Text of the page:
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Old 17 April 2010, 15:30   #1
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Any such thing as a conductive oil ?

Looking for a conductive hydraulic or ATF oil . Is there any such thing ?
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Old 17 April 2010, 18:01   #2
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What as in "electrical" conductive?
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Old 17 April 2010, 18:06   #3
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ATF is transmission oil or a version of hydraulic oil ... what do you mean by 'conductive' ?
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Old 18 April 2010, 03:15   #4
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ATF is transmission oil or a version of hydraulic oil ... what do you mean by 'conductive' ?
all oils conduct heat, only conductive oils i heared of are for model train bruches.

Why ?
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Old 19 April 2010, 12:46   #5
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Conductive as in electrical . My tilt rams are sitting in ATF oil and are not being earthed because of the oil and rubber O-rings therefore they are being pitted because of electrolysis . If i can find the right oil it means the rams are earthed because of the bonding on the engine and clamp bracket . All anodes are working properly with the bonding circuit but because of no earth on tilt rams the stainless is pitting
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Old 19 April 2010, 14:25   #6
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Conductive as in electrical . My tilt rams are sitting in ATF oil and are not being earthed because of the oil and rubber O-rings therefore they are being pitted because of electrolysis . If i can find the right oil it means the rams are earthed because of the bonding on the engine and clamp bracket . All anodes are working properly with the bonding circuit but because of no earth on tilt rams the stainless is pitting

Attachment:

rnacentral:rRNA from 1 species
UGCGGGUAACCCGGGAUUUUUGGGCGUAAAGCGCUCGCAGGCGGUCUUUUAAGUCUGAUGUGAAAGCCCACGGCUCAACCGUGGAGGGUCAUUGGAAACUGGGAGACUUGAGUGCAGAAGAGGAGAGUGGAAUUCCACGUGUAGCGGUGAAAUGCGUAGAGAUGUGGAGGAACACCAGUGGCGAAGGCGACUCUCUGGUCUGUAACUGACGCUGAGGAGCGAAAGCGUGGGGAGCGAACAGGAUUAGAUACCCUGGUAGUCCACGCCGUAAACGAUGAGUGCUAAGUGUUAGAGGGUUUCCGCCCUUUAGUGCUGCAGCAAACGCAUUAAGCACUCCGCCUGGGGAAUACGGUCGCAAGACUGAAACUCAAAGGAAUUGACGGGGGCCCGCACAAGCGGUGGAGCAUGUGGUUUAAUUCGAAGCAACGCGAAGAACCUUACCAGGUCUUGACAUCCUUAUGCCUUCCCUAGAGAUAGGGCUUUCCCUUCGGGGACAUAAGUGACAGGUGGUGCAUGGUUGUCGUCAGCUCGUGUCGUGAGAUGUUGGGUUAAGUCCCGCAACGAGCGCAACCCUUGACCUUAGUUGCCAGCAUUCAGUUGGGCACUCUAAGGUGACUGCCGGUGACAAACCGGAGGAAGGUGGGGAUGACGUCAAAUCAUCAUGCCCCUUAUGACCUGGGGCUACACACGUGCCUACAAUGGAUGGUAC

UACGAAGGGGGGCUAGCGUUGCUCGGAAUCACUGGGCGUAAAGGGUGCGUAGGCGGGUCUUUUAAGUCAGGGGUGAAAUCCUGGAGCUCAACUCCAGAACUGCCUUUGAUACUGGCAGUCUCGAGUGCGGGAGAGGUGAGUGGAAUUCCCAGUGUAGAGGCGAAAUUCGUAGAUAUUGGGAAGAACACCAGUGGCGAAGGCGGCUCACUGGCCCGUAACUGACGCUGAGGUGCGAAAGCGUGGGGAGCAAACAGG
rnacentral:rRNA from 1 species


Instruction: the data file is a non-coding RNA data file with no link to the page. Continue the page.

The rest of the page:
Are you leaving your engine tilted up?
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Old 19 April 2010, 14:42   #7
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Yes , always , but passing boats create a wash which means my leg with a stainless prop is bobbing up and down in the water . Stainless , aluminium , and metals ! I'm being told is a bad mixture and the fact all is earthed except tilt rams which are sitting in oil and sleeved in rubber O-Rings means they are sitting ducks . If i could earth rams then anodes would take all stray current
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Old 19 April 2010, 15:43   #8
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Yes , always , but passing boats create a wash which means my leg with a stainless prop is bobbing up and down in the water . Stainless , aluminium , and metals ! I'm being told is a bad mixture and the fact all is earthed except tilt rams which are sitting in oil and sleeved in rubber O-Rings means they are sitting ducks . If i could earth rams then anodes would take all stray current
Why not leave your engine down so the anodes can do their job? The rams will be touching the engine then.
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Old 19 April 2010, 16:19   #9
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Conductive as in electrical . My tilt rams are sitting in ATF oil and are not being earthed because of the oil and rubber O-rings therefore they are being pitted because of electrolysis . If i can find the right oil it means the rams are earthed because of the bonding on the engine and clamp bracket . All anodes are working properly with the bonding circuit but because of no earth on tilt rams the stainless is pitting
surely its easier to fit a small earth strap across the eyes of the ram to ground? to bypass the rubber bushes?
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Old 19 April 2010, 16:25   #10
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surely its easier to fit a small earth strap across the eyes of the ram to ground? to bypass the rubber bushes?
I suspect it's the trim rams that are the problem-with the engine tilted up there's no electrical contact to them so they won't get any protection from the anode.
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